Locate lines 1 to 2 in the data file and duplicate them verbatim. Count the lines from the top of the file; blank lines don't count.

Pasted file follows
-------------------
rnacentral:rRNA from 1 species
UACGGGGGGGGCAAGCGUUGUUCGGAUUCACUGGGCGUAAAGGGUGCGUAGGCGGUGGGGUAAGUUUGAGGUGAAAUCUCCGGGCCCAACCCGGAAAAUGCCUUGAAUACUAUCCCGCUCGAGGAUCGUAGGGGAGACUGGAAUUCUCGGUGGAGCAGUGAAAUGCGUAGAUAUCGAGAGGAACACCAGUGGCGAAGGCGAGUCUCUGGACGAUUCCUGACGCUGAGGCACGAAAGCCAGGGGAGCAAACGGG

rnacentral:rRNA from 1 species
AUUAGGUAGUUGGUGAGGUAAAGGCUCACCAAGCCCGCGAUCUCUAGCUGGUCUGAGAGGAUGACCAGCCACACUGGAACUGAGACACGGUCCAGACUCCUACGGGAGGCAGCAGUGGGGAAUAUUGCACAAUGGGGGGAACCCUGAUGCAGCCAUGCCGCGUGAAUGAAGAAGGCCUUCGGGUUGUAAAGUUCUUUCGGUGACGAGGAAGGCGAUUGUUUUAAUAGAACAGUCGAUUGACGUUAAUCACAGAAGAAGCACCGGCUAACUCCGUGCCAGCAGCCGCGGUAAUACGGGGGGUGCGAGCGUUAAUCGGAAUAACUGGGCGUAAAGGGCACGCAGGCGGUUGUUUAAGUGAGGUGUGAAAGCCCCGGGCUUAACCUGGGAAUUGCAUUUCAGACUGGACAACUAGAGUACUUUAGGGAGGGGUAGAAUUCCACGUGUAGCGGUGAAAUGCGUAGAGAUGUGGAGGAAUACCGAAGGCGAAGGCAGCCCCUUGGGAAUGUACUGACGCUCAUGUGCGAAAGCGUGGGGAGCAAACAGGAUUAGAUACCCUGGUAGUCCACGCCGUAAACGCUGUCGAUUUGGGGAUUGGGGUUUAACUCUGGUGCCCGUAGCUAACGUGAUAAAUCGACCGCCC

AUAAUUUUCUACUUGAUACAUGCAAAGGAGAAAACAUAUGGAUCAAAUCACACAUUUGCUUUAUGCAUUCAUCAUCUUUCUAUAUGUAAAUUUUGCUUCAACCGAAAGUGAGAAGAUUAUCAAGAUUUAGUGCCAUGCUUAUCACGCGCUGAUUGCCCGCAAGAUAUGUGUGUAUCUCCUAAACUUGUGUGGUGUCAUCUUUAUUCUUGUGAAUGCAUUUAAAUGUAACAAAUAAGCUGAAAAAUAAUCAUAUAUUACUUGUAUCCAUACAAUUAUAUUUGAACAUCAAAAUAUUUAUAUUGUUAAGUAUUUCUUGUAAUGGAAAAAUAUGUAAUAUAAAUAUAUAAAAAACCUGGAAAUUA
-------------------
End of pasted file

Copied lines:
rnacentral:rRNA from 1 species
UACGGGGGGGGCAAGCGUUGUUCGGAUUCACUGGGCGUAAAGGGUGCGUAGGCGGUGGGGUAAGUUUGAGGUGAAAUCUCCGGGCCCAACCCGGAAAAUGCCUUGAAUACUAUCCCGCUCGAGGAUCGUAGGGGAGACUGGAAUUCUCGGUGGAGCAGUGAAAUGCGUAGAUAUCGAGAGGAACACCAGUGGCGAAGGCGAGUCUCUGGACGAUUCCUGACGCUGAGGCACGAAAGCCAGGGGAGCAAACGGG